NOTE: the 656zp has been redesigned as the 220LX
In HOT BOAT'S Annual Awards Issue this past April, Stingray's 656zp was named
Compact Boat of the Year for 1994. The fact that Stingray won the award was not
particularly surprising since the South Carolina-based boatbuilder has been winning
accolades for its various models for quite some time. What was surprising, however,
was the margin of its victory. Normally, Boat of the Year competitions are close.
This time, however, it was a cakewalk for the Stingray entry as the 656zp far
outdistanced its rivals and was the clear-cut winner in its class.
According to our test-team drivers, the 656zp was the sleeper of the year.."
a well-mannered family bowrider sportboat that simply didn't have any faults and did
nothing wrong, especially when it came to performance."
So how did Stingray do it? They use the same MerCruiser packages everyone else
does, and their boats are priced so reasonably that it often makes their competition
wince. So what's the secret?
Actually, it's no secret at all. In fact, the Stingray difference even has a
number - . This is how Stingray's
exclusive Z-plane hull design is registered with the U.S. Patent Office, protecting it
But let's back up for a minute and review some of the basics about vee-bottom hull
design. First of all, Stingray can't take any credit for coming up with the original
concept of the modern-day vee-bottom. That was done nearly 40 years ago by naval
architect C. Raymond Hunt, who is considered the father of the classic roe-hull. Until
Hunt came along, planing hulls of that era had a relatively shallow vee-entry at the bow
and a long, hard chine forward. Hunt changed that trend by significantly deepening the
forward sections of the hull and maintaining a constant amount of deadrise (vee) all the
way back to the transom. The result was a smoother-riding, more manageable boat in
Essentially, the typical vee-bottom is a variation of the standard-planing mono-hull.
Unlike a displacement-type hull that simply pushes water out of its way, the planing hull
achieves greater speed and more efficiency by "lifting" out of the water as it
gains speed. What happens at a certain speed is that hydrodynamic forces overcome the
static buoyant forces and the hull reacts by moving forward and up, out of the water. We
commonly refer to this condition as planing.
Once the boat is on plane, drag (friction caused by the remaining wetted hull surface)
becomes the determining factor (along with available horsepower/thrust) in how fast a boat
Most vee-bottom hulls are measured by the amount of deadrise. Deadrise is calculated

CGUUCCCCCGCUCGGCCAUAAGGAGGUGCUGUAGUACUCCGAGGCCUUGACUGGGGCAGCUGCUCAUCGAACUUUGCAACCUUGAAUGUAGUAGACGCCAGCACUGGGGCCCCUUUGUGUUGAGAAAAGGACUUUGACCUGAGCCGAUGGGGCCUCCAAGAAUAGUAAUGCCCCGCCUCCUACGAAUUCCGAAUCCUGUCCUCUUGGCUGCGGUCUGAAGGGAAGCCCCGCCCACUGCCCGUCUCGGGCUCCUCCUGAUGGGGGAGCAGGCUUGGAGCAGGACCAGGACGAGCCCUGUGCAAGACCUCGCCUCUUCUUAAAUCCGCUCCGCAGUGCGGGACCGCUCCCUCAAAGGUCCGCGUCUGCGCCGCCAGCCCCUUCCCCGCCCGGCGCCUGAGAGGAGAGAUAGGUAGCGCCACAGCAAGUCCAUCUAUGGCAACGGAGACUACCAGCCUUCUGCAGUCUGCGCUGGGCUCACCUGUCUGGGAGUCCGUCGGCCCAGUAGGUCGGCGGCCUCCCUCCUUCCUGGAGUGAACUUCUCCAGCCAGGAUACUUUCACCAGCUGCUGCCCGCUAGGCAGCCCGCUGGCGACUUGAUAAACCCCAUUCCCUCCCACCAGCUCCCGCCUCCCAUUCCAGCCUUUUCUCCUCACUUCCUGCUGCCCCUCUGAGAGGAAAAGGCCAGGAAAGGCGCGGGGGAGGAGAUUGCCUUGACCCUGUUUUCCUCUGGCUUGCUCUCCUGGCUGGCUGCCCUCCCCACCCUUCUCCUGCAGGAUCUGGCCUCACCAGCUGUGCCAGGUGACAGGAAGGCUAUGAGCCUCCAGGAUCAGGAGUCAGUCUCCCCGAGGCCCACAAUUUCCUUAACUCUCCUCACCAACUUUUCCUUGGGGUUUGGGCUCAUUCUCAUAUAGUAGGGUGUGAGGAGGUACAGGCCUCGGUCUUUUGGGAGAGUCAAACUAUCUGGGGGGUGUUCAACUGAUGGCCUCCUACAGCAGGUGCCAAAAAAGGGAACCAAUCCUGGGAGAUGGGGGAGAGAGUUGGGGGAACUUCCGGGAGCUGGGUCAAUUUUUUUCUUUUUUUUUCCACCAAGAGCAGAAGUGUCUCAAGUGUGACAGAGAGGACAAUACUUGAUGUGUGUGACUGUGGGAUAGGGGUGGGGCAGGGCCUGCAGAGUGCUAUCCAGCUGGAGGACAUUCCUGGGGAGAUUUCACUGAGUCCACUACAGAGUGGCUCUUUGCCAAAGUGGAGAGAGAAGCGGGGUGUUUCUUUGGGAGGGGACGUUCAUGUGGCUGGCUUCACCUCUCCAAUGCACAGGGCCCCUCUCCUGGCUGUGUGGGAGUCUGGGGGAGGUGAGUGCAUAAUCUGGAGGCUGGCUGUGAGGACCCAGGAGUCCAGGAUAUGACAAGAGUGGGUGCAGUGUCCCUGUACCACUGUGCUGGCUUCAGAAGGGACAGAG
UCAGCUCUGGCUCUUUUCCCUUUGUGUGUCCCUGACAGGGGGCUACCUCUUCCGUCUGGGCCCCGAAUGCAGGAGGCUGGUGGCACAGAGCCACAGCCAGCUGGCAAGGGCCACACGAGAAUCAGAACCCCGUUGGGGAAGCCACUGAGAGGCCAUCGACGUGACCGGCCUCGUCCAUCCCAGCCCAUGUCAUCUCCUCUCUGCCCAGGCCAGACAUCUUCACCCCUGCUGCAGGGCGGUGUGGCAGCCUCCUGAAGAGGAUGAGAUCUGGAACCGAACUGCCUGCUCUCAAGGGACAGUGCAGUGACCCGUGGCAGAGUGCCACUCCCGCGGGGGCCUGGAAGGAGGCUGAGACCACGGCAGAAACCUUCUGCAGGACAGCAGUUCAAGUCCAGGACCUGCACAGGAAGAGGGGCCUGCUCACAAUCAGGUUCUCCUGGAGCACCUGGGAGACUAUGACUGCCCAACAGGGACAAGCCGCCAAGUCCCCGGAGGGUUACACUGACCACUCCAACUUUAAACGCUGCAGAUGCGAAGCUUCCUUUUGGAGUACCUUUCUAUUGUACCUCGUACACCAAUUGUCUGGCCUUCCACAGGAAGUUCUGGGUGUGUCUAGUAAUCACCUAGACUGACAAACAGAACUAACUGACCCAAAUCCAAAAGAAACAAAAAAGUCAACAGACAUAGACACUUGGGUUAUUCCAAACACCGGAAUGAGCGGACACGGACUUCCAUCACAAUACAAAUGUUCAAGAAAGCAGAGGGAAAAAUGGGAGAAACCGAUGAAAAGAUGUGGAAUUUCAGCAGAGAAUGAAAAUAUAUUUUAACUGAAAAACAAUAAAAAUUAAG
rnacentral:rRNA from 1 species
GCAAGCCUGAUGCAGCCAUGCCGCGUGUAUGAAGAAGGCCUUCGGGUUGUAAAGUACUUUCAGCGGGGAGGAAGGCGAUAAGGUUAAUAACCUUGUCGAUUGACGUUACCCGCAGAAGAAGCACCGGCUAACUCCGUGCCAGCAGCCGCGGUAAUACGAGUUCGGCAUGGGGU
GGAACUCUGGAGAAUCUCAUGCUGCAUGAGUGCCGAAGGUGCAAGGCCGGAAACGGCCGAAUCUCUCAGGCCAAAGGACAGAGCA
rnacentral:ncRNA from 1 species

by measuring the angle on each side of the hull bottom at the transom. Imagine, if you
will, looking at your boat's transom from directly behind the boat while it is out of the
water. Next, picture a horizontal line at the lowest point of your keel running out to
each chine. The gap or angle formed by this imaginary line is measured in degrees. If the
angle is small, such as eight to ten degrees, the hull would be regarded as a shallow-vee.
If it's ten to 16 degrees, it's a full-vee. And when you begin to exceed 18 degrees up to
24, you are now talking about a hull that qualifies as a deep-vee.
As you have probably noticed, the vast majority of vee-bottoms have angular strakes
that protrude from the otherwise smooth running surface. These strakes run longitudinally,
from bow to stem, and are placed in a variety of locations depending upon the make and size
At planing speeds, strakes serve several purposes. Primarily, they are there to provide
additional lift, acting somewhat like an extra chine and helping to get more hull out of the
water, thus reducing drag and increasing overall performance. Strakes also tend to break up
the flow of water beneath the hull to eliminate some of the surface tension that develops
between the water and the bottom. Furthermore, strakes can generate tiny air pockets and
bubbles, sometimes referred to as vortices, to assist in this process.
About five years ago, Stingray was designing and building its line of family sportboats,
using this same vee-bottom technology. The boats performed well, but Stingray President Al
Fink was not completely satisfied. "We've always taken a lot of pride in the way our
boats perform," said Fink. "But to us, performance means more than just top speed.
I was looking for a way to improve the turning characteristics of our boats. Like most
vee-bottoms, there was a tendency to occasionally catch a chine in a fast corner, which can
surprise a novice driver. Our testing also indicated that it was possible to induce propeller
ventilation [slip] if too much power was applied or too sharp a turn was attempted. In both
cases, I wanted to develop a better hull design to eliminate those shortcomings."